I Tried To “Run On Heinz” And Now I Won’t See Ketchup The Same

Heinz may be able to save you from hitting the wall

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Marathon and ultra runners are bound to burn through a decent number of energy gels in their training and races. With most energy gels priced between two to four dollars, the cost can add up quicker than you realize. 

If you’re looking to save a few bucks for that new pair of running shoes, Heinz has recently claimed that their ketchup packets could be the ideal replacement for those pricey gels. 

The company’s “Run On Heinz” campaign has garnered a lot of attention in the running community. 

Heinz has even gone as far as to post the location of free ketchup packets along routes in the shape of their keystone logo. These ketchup maps can be found on many of the biggest fitness apps, such as Strava.

The ketchup routes are currently located in New York, San Francisco, and Toronto.

Although there are many ketchup lovers out there, even the most passionate may be wondering if you really can swap your nutritious gels, which have exhaustive research and development behind them, for simple ketchup packets.

We not only took a look at what the experts had to say on this campaign, but gave it a try ourselves to see if Heinz could really make its way into the world of sports nutrition.

There were three main factors to take into account when considering using Heinz packets as energy gels including taste, nutritional profile, and logistics.

Taste

Taste is a significant factor when runners are considering what gels they want to use during training and races. It can be hard enough to stomach unpalatable gel flavours as is, but during strenuous efforts especially.

Having a gel that tastes good to you makes it more appealing to consume when you’re in a hard training session or race. As a result, you’re more likely to stay on top of fueling and avoid hitting the dreaded wall.

Traditional gels come in all kinds of flavours, whereas, Heinz ketchup is limited to its familiar tangy tomato taste. This could be a flavour you enjoy, but for others who don’t like ketchup as much, it would be a major reason to avoid using Heinz as sports nutrition.

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Nutritional Profile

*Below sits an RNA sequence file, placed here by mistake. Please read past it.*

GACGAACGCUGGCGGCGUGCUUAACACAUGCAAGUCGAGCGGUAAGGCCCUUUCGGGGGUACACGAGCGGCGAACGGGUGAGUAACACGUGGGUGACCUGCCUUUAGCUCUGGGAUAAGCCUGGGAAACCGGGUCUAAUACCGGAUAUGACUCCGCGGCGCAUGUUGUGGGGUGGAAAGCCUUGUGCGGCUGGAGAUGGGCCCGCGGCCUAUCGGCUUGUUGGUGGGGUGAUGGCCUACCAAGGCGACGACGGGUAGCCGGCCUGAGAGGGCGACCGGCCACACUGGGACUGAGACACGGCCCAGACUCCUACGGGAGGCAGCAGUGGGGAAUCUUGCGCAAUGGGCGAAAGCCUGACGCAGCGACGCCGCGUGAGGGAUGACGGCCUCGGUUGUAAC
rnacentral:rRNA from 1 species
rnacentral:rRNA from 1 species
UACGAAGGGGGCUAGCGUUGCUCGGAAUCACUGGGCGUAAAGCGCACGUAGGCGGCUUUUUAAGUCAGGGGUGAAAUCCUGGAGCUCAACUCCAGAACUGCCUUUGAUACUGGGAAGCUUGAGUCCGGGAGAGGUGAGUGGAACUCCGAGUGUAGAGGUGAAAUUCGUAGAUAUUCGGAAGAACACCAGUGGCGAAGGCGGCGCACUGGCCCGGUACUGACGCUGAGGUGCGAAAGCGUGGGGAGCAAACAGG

Carbohydrates are the main source of energy endurance runners will use during racing and training. To sustain a strenuous effort for a prolonged period of time, you need to be replenishing some of the carbohydrates you are using.

Heinz ketchup does, in fact, contain primarily carbohydrates as a result of the sugar from the tomatoes.

What this means is that from a nutritional standpoint, Heinz would be a viable option if you needed to avoid hitting the wall.

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Logistics

Most energy gels contain between 25 and 30 grams of carbohydrates, with some containing even more. 

The current recommendation for endurance athletes is that, depending on the length and intensity of exercise, they would need anywhere from 30-90 grams of carbohydrates per hour.

Considering that Heinz ketchup packets are around 10ml, each only containing around 2.6 grams of carbohydrates, you would need about 12 packets to reach the lower end of this range.

Needless to say, you would need to be carrying a whole lot of Heinz ketchup packets to meet your fueling needs.

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My Review

Although I knew using Heinz ketchup packets during my workouts wouldn’t be the most logistical sports nutrition plan, I couldn’t help but give it a try. As someone who puts ketchup on everything, I thought this would be a fun experiment.

I headed out on a two hour training session, during which I would usually consume about 50 grams of carbohydrates total. I planned to consume the same amount of carbohydrates that I normally would despite the large amount of ketchup packets I would be carrying.

As you may have expected, bringing 20 ketchup packets on a training session was pretty ridiculous. I can normally get away with sticking a gel or two in my shorts or sports bra, but this required a waist bag.

Another logistical challenge was actually consuming all of the little packets. Opening 20 packets of ketchup in two hours meant I had to average one packet every six minutes

In terms of flavour, the first three or four weren’t too bad, especially considering I am a big ketchup fan. 

However, the flavour fatigue became really noticeable after the first hour. With every packet I opened, I was fall more and more out of love with ketchup and my body was begging for a different flavour.

Despite the logistical challenges and flavour fatigue, I will give credit to Heinz, as I never did hit the wall. I felt energized through the whole session and was able to finish feeling good.

So, will I be carrying Heinz packets in future races or training? Probably not. But I know that if I’m ever in a pinch and about to hit a wall, Heinz could come in and save the day.

Photo of author
Jessy has been active her whole life, competing in cross-country, track running, and soccer throughout her undergrad. She pivoted to road cycling after completing her Bachelor of Kinesiology with Nutrition from Acadia University. Jessy is currently a professional road cyclist living and training in Spain.

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